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git-repack(1)                     Git Manual                     git-repack(1)


       git-repack - Pack unpacked objects in a repository


       git repack [-a] [-A] [-d] [-f] [-F] [-l] [-n] [-q] [-b] [--window=<n>] [--depth=<n>]


       This command is used to combine all objects that do not currently
       reside in a "pack", into a pack. It can also be used to re-organize
       existing packs into a single, more efficient pack.

       A pack is a collection of objects, individually compressed, with delta
       compression applied, stored in a single file, with an associated index

       Packs are used to reduce the load on mirror systems, backup engines,
       disk storage, etc.


           Instead of incrementally packing the unpacked objects, pack
           everything referenced into a single pack. Especially useful when
           packing a repository that is used for private development. Use with
           -d. This will clean up the objects that git prune leaves behind,
           but git fsck --full --dangling shows as dangling.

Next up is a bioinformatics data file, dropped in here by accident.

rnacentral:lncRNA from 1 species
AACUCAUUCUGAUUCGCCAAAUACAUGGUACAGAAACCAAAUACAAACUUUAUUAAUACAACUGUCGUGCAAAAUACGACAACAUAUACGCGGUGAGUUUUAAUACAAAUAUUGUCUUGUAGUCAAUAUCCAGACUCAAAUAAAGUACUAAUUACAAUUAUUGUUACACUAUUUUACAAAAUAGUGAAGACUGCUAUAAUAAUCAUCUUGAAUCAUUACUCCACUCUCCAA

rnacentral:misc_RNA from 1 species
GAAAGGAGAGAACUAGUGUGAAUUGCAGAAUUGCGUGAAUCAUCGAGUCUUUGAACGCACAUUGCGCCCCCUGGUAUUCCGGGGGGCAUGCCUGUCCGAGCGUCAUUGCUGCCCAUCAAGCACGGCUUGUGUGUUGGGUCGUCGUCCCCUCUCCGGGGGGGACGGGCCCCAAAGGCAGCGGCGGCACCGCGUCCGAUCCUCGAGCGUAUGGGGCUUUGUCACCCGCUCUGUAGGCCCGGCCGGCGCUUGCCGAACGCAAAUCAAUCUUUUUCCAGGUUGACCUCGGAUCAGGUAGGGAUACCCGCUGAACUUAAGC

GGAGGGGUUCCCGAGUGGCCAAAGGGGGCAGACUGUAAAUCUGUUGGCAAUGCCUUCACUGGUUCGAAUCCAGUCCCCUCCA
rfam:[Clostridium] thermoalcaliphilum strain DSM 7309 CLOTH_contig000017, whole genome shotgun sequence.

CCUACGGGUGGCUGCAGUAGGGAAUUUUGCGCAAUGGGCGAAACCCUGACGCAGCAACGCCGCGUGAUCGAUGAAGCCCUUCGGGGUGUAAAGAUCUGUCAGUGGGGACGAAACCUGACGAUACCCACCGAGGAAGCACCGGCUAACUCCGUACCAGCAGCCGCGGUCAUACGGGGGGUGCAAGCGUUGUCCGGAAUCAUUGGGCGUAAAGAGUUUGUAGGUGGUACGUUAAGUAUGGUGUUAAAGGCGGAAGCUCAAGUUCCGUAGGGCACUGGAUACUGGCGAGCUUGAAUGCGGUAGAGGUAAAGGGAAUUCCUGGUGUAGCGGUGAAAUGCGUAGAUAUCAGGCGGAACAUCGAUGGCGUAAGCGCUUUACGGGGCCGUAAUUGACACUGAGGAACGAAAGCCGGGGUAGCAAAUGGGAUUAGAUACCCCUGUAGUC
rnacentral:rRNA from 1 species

Note that users fetching over dumb protocols will have to fetch the
           whole new pack in order to get any contained object, no matter how
           many other objects in that pack they already have locally.

           Same as -a, unless -d is used. Then any unreachable objects in a
           previous pack become loose, unpacked objects, instead of being left
           in the old pack. Unreachable objects are never intentionally added
           to a pack, even when repacking. This option prevents unreachable
           objects from being immediately deleted by way of being left in the
           old pack and then removed. Instead, the loose unreachable objects
           will be pruned according to normal expiry rules with the next git
           gc invocation. See git-gc(1).

           After packing, if the newly created packs make some existing packs